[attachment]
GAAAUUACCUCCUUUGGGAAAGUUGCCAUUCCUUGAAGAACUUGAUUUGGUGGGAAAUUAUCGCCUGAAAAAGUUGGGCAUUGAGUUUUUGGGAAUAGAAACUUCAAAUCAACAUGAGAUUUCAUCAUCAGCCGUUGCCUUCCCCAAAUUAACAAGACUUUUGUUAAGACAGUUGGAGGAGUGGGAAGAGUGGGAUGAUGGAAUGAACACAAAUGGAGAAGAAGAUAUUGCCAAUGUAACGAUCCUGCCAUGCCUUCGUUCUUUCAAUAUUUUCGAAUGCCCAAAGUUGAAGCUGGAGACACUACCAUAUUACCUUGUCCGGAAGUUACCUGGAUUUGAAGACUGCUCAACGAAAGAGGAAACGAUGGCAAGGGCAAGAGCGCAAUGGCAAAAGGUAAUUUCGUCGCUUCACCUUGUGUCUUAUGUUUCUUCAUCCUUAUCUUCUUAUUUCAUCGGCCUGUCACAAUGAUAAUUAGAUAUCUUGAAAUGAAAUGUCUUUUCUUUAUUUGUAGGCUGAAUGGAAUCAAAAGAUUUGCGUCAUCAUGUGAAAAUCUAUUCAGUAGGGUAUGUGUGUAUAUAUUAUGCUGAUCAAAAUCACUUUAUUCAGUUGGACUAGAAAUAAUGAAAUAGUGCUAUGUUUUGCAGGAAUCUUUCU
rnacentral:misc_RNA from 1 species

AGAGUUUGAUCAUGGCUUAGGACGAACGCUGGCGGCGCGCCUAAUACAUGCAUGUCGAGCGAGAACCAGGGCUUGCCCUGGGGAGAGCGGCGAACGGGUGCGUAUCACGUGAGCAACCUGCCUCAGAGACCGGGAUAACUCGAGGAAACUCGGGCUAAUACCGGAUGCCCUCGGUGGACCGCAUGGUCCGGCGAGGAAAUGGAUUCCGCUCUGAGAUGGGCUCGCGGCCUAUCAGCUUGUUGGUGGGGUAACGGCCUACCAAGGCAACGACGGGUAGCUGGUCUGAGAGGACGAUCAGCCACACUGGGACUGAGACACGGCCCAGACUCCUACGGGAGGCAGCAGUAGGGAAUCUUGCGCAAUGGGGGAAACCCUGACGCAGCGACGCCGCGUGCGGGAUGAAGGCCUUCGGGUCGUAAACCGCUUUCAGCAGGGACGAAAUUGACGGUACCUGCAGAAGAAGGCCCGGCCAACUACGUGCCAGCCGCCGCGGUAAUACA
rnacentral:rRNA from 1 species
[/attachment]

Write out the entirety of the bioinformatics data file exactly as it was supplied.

GAAAUUACCUCCUUUGGGAAAGUUGCCAUUCCUUGAAGAACUUGAUUUGGUGGGAAAUUAUCGCCUGAAAAAGUUGGGCAUUGAGUUUUUGGGAAUAGAAACUUCAAAUCAACAUGAGAUUUCAUCAUCAGCCGUUGCCUUCCCCAAAUUAACAAGACUUUUGUUAAGACAGUUGGAGGAGUGGGAAGAGUGGGAUGAUGGAAUGAACACAAAUGGAGAAGAAGAUAUUGCCAAUGUAACGAUCCUGCCAUGCCUUCGUUCUUUCAAUAUUUUCGAAUGCCCAAAGUUGAAGCUGGAGACACUACCAUAUUACCUUGUCCGGAAGUUACCUGGAUUUGAAGACUGCUCAACGAAAGAGGAAACGAUGGCAAGGGCAAGAGCGCAAUGGCAAAAGGUAAUUUCGUCGCUUCACCUUGUGUCUUAUGUUUCUUCAUCCUUAUCUUCUUAUUUCAUCGGCCUGUCACAAUGAUAAUUAGAUAUCUUGAAAUGAAAUGUCUUUUCUUUAUUUGUAGGCUGAAUGGAAUCAAAAGAUUUGCGUCAUCAUGUGAAAAUCUAUUCAGUAGGGUAUGUGUGUAUAUAUUAUGCUGAUCAAAAUCACUUUAUUCAGUUGGACUAGAAAUAAUGAAAUAGUGCUAUGUUUUGCAGGAAUCUUUCU
rnacentral:misc_RNA from 1 species

AGAGUUUGAUCAUGGCUUAGGACGAACGCUGGCGGCGCGCCUAAUACAUGCAUGUCGAGCGAGAACCAGGGCUUGCCCUGGGGAGAGCGGCGAACGGGUGCGUAUCACGUGAGCAACCUGCCUCAGAGACCGGGAUAACUCGAGGAAACUCGGGCUAAUACCGGAUGCCCUCGGUGGACCGCAUGGUCCGGCGAGGAAAUGGAUUCCGCUCUGAGAUGGGCUCGCGGCCUAUCAGCUUGUUGGUGGGGUAACGGCCUACCAAGGCAACGACGGGUAGCUGGUCUGAGAGGACGAUCAGCCACACUGGGACUGAGACACGGCCCAGACUCCUACGGGAGGCAGCAGUAGGGAAUCUUGCGCAAUGGGGGAAACCCUGACGCAGCGACGCCGCGUGCGGGAUGAAGGCCUUCGGGUCGUAAACCGCUUUCAGCAGGGACGAAAUUGACGGUACCUGCAGAAGAAGGCCCGGCCAACUACGUGCCAGCCGCCGCGGUAAUACA
rnacentral:rRNA from 1 species